I had some requests to provide my take on the OSI model separately from the presentation I made at PwnSchool, so here you go… the most comprehensive, authoritative version of the OSI model ever presented.
- Introduction to Radio Frequency
- Wireless Hacking (WEP and WPA2)
- RFID Hacking (HID Prox and MIFARE)
- Bluetooth Hacking (Bluelog/bluesnarfer/Wireshark/etc)
Two posts in one night, because I’m catching up on some backlog items. I’ve been teaching/training a team on PenTesting lately, and it’s caused me to think through some personal truths and approaches that I’ve taken for several years. While going through that process I came to realize that I’d never really formally codified them; this is my attempt to do just that. It all comes down to what I’m now going to call the “Four Three Rule of Team PenTesting”.
I realized I didn’t have any good notes on Radio Frequency Identification (RFID) tags/badges/etc, so I figured it was time to compile that and update it while I’m at it. This post is just a quick run-down of the frequencies, types, and common cards/IDs. If you don’t know what an RFID is, for the purposes of most pentesting it’s a security badge or a key fob, like you can see in the image at the top of this posting.
I have to teach some folks how to find, isolate, and analyze signals tomorrow, which of course means this is the perfect time to document some quick steps for my own reference. I started the build out from the DEFCON 26 Hardware Hacking Village Kali Live Build. If you don’t have it your mileage may vary… on to the buildout.
I’ve been taking photos of all the badges/SAOs/Challenge Coins/etc I collected at DEFCON 26. I’m sure I’ve missed a few, but in no particular order here are the images so far, with a quarter for size reference. I’ll be making very high resolution images of most in the future, but now these will work.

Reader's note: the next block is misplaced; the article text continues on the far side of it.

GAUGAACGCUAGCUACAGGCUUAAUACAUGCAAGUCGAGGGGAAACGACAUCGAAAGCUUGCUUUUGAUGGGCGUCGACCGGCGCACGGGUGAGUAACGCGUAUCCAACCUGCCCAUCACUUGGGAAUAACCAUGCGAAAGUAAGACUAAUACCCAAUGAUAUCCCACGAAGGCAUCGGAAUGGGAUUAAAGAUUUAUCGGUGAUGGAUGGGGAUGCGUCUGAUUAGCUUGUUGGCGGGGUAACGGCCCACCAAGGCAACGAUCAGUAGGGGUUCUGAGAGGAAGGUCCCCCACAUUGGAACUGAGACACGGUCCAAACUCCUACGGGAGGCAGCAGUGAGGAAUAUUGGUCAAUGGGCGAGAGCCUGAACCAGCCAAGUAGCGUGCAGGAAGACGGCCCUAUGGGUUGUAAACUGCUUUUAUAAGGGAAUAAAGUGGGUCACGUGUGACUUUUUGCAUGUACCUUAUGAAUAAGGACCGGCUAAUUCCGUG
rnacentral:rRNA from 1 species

I made a presentation a few months ago based on a simple question I relieved… “What is all that stuff in your backpack?” I normally carry, well, more than I really need. Full list with links is below, or here’s the presentation for those who want to see it in all its original, horrible glory. Ever wonder what types of stuff I normally carry when on a pentest? Well, now you know. Enjoy!
I maintain a modified version of Kali I use as the basis for my testing which includes a variety of extra tools, preference, references, etc. If you want a copy yourself, you can find one here:
Each version is named for a different character played by Henry Winkler, for the record.
You may often need to mirror all (or part) of a website for offline analysis. The ‘wget’ program has some easy features to use when you want to quickly get a local copy of a site and correct common issues (like links pointing to server locations). Set up one of these behind the scenes while you work on other aspects, then peruse at your leisure.
Update 2018-07-21: Or just use the script I wrote to simplify this for my customized Kali build, available here.